the field and another group filled the uneven terrain with dirt and
planted sod. Before today, I had no idea that it was possible for
pieces of grass and sod, planted in other parts of the field, to grow
again with time and rain. You may be wondering: why are we spending so
much time on leveling a soccer field? Why aren't we spending more time
feeding the people and providing the people here with "real
necessities?" However, if you could see the love and passion that the
Haitian people here have for soccer, you would agree with me that by
fixing their field, we are making the children here beyond happy.
There is nothing more rewarding than to work with the children, in
union, rather than simply work for the people here.

Later that afternoon, we gathered and listened to Bear's discussion on
Haitian History and what we could to resolve the bigger problems of
Haiti, like the poverty levels, class warfare, and political
corruption. Bear identified the main problem of Haiti as the small,
elite group that controls almost all the wealth in the nation. This
group holds many monopolies on goods, lands, and businesses that make
it is nearly impossible for the middle and lower class to climb the
social ladder. Hearing this, I initially felt hopeless. Questions
like, "How do we fix corruption? How do we break the strict class
structure?" flooded my mind. Bear appeased my worries by showing that
there is always a possibility for resolution and there is no such
thing as, "there is nothing that we can do." He shared his vision of
an ideal nation, where students would be educated to a
university-level, and would return to their village and city to
utilize their education for the benefit of Haiti. The cycle, that
currently takes place, is that students that attain a great education,
move to places with more opportunities, like the U.S, and become
employed there. Thus, they invest the fruit of the education they
recieved in Haiti to other countries, enriching them while leaving
Haiti in the dust. We must strive to break this cycle and encourage
students to return and invest their skills into Haiti in order to
build a source of wealth. On listening to Bear's envisionment and plan
of a restored Haiti, I was again empowered to realize our potential to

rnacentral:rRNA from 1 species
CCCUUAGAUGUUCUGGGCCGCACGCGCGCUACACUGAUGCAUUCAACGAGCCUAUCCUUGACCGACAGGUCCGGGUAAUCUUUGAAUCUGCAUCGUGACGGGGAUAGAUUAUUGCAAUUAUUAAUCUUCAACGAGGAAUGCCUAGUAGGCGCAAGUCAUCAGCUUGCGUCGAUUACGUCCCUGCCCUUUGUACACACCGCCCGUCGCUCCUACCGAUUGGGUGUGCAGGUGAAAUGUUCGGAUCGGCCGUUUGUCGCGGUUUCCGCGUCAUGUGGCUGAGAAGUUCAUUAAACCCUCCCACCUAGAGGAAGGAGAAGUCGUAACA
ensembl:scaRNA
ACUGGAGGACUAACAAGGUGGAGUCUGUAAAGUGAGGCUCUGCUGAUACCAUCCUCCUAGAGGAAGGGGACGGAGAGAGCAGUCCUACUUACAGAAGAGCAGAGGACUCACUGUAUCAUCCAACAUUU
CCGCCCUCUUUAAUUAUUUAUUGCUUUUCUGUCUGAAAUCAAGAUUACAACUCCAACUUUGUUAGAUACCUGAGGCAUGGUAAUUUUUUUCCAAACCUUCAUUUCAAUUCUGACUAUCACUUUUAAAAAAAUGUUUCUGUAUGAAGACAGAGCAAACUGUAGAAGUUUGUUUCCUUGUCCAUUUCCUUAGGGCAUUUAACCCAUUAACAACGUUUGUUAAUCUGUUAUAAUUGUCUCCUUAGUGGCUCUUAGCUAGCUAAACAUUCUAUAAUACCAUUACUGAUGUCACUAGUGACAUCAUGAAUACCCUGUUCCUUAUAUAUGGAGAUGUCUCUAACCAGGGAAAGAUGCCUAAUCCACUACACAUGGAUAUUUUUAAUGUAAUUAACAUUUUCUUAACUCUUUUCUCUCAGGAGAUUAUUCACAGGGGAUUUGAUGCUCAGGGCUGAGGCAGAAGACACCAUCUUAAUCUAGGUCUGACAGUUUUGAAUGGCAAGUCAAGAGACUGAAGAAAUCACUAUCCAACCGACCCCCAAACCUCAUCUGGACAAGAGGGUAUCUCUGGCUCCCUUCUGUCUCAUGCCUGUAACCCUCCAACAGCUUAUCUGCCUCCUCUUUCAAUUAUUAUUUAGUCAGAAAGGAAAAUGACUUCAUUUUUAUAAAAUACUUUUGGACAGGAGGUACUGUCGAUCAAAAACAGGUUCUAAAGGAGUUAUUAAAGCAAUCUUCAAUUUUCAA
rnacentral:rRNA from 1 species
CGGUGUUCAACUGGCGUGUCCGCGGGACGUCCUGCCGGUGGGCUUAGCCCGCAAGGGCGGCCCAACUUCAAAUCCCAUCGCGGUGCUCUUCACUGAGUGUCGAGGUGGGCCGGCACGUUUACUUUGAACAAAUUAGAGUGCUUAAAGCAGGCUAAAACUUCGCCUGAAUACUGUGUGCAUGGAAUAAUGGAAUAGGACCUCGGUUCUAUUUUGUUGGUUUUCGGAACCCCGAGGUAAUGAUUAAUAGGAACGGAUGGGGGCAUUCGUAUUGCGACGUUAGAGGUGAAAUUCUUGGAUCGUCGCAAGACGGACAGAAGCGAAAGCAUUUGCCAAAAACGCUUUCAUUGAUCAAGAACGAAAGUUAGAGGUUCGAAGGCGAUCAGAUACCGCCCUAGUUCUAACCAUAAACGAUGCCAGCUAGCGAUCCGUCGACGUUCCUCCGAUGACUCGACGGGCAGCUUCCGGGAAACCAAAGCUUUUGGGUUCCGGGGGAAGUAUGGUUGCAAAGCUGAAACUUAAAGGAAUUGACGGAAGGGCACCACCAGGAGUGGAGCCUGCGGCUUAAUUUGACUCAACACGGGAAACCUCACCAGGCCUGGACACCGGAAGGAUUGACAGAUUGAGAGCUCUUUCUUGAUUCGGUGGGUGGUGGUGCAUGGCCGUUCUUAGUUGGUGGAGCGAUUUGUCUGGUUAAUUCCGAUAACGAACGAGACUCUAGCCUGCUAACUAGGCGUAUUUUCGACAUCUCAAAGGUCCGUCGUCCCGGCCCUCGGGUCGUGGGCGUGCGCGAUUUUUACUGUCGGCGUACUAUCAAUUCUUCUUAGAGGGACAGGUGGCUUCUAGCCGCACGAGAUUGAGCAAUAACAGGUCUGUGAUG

create change.

Here, I am doing more than simply "service." Many people told me,
before I left for this trip, "You don't need to go all the way to
Haiti to help people. Besides, the nation would probably benefit more
from sending them money." Before this trip, I did not know exactly how
to address this. I wasn't even completely sure why I wanted to go,
except to serve and learn. But, as I sit here now, I know that I will
leave this place with a relationship with the country and its people.
There is a special bond and connection that I have found with this
place that cannot be achieved without first-hand experiencing the
Haitian life.

I hope you all are doing well back at home. We miss you and will see
you in a few days!

Michelle Kim

March 4, 2014

Today, we began to install the solar panels. We installed the solar
panels on the top of the school building. Once the panels were
installed, we went up the hill to install wires, lights, and sockets
into two houses. Izzy, Bear, members of the community, and I went to
two of the houses behind the school. We took out any of the appliances
that were in the house before, and began our process. The group then
fed the wire into the house so we could figure out where to place the
new appliances. Once we had the wire fed in and the places measured
out, we began the process of putting in the lights and plugs. We then
put a light bulb inside the house and just outside the doorway. Once
we placed these in, we fed the wire across the way to another, where
we followed the same process for this house. Once we finished,
according to Haitian culture, we were offered coffee. This was grown,
hand crushed, and brewed. After this, we came back up to camp for
dinner. -Liam Batson '15

People, food, and goats....The Market!!!!! the place was jammed packed
with people, which wasn't the most comfortable, but even

J. Farmer

With all the things going on it was an exciting day. As we moved
passed the craziness of the market, and onto the various service
projects the day ended with great successes. We worked rapidly to
level the soccer field. The St. Andrew's students and the local kids
really combined their efforts to get the job done. The most impressive
feat I witnessed was one of the boys taking a pick-ax to a giant piece
of stone in the soil. Back and forth, back and forth was the pace of
the day carrying loads of rocks and sod. When we all regrouped  each